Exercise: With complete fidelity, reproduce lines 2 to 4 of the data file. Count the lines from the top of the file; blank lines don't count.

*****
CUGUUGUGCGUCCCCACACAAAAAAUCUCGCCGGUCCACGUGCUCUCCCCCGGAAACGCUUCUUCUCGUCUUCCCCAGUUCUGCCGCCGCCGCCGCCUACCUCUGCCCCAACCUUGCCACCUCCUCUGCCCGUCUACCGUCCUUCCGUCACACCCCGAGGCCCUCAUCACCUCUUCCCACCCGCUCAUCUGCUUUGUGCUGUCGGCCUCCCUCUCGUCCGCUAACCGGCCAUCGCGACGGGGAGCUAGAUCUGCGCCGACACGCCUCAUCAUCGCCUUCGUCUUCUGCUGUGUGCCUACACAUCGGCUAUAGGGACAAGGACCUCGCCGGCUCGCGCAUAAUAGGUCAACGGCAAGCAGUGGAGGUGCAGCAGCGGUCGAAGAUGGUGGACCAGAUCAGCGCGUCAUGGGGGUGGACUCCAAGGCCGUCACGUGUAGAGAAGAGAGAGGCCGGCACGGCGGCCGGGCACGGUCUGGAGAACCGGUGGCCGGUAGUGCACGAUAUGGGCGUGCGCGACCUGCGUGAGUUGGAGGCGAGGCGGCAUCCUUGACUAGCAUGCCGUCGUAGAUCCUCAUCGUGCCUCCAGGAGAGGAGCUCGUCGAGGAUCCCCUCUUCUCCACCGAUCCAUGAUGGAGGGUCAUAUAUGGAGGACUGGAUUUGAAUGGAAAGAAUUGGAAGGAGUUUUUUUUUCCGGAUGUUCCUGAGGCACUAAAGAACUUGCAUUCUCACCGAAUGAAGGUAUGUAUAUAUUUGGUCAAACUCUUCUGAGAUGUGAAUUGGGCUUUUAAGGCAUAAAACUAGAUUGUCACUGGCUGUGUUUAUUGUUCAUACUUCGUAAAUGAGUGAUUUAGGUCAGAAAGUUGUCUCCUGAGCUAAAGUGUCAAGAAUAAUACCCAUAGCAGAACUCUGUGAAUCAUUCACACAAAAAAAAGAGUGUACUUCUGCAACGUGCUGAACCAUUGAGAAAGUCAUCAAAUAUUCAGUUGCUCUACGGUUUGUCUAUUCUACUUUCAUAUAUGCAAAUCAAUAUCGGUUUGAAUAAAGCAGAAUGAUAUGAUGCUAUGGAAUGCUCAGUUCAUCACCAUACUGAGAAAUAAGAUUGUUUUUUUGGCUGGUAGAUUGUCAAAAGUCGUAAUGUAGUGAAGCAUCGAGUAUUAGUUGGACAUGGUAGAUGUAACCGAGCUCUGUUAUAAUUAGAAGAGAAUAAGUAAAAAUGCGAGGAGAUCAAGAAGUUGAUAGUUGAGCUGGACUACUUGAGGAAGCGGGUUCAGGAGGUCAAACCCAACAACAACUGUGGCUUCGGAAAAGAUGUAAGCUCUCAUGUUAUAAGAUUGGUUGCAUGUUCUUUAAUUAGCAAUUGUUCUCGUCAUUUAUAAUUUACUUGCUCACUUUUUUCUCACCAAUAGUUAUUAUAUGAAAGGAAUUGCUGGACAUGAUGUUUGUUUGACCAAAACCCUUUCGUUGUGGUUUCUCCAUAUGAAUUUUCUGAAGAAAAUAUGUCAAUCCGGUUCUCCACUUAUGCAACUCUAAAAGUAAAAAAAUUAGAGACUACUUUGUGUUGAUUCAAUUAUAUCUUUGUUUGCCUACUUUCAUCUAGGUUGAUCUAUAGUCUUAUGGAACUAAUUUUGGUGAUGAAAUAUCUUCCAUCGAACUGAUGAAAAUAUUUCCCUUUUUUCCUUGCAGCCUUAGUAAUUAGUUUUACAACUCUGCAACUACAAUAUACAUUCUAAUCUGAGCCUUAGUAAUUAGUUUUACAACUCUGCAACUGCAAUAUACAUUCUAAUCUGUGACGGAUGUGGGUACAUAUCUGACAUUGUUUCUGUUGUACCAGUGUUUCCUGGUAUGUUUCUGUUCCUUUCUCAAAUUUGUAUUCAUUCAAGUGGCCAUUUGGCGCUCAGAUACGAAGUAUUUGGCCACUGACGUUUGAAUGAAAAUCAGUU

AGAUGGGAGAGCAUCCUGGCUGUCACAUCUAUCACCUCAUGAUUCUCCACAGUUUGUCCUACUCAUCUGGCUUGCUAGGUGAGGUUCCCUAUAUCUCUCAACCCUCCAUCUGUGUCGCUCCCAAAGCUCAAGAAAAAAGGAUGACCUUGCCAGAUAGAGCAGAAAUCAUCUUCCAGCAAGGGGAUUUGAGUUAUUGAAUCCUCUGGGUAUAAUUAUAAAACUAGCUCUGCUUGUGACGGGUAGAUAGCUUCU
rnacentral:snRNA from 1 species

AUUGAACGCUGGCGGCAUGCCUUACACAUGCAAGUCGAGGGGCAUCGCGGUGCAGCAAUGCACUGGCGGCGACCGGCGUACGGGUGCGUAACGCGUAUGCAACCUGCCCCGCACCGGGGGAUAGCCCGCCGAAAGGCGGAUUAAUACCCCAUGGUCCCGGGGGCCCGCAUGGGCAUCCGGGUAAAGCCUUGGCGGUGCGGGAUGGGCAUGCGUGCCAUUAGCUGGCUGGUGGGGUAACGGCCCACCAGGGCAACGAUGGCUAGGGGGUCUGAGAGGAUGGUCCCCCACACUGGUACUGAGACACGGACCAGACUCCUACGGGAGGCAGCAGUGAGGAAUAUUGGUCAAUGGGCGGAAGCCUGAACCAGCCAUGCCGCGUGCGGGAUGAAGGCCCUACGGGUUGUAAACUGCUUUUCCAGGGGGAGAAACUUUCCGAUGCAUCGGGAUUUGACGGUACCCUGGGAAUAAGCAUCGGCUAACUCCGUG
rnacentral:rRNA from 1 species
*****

AGAUGGGAGAGCAUCCUGGCUGUCACAUCUAUCACCUCAUGAUUCUCCACAGUUUGUCCUACUCAUCUGGCUUGCUAGGUGAGGUUCCCUAUAUCUCUCAACCCUCCAUCUGUGUCGCUCCCAAAGCUCAAGAAAAAAGGAUGACCUUGCCAGAUAGAGCAGAAAUCAUCUUCCAGCAAGGGGAUUUGAGUUAUUGAAUCCUCUGGGUAUAAUUAUAAAACUAGCUCUGCUUGUGACGGGUAGAUAGCUUCU
rnacentral:snRNA from 1 species

AUUGAACGCUGGCGGCAUGCCUUACACAUGCAAGUCGAGGGGCAUCGCGGUGCAGCAAUGCACUGGCGGCGACCGGCGUACGGGUGCGUAACGCGUAUGCAACCUGCCCCGCACCGGGGGAUAGCCCGCCGAAAGGCGGAUUAAUACCCCAUGGUCCCGGGGGCCCGCAUGGGCAUCCGGGUAAAGCCUUGGCGGUGCGGGAUGGGCAUGCGUGCCAUUAGCUGGCUGGUGGGGUAACGGCCCACCAGGGCAACGAUGGCUAGGGGGUCUGAGAGGAUGGUCCCCCACACUGGUACUGAGACACGGACCAGACUCCUACGGGAGGCAGCAGUGAGGAAUAUUGGUCAAUGGGCGGAAGCCUGAACCAGCCAUGCCGCGUGCGGGAUGAAGGCCCUACGGGUUGUAAACUGCUUUUCCAGGGGGAGAAACUUUCCGAUGCAUCGGGAUUUGACGGUACCCUGGGAAUAAGCAUCGGCUAACUCCGUG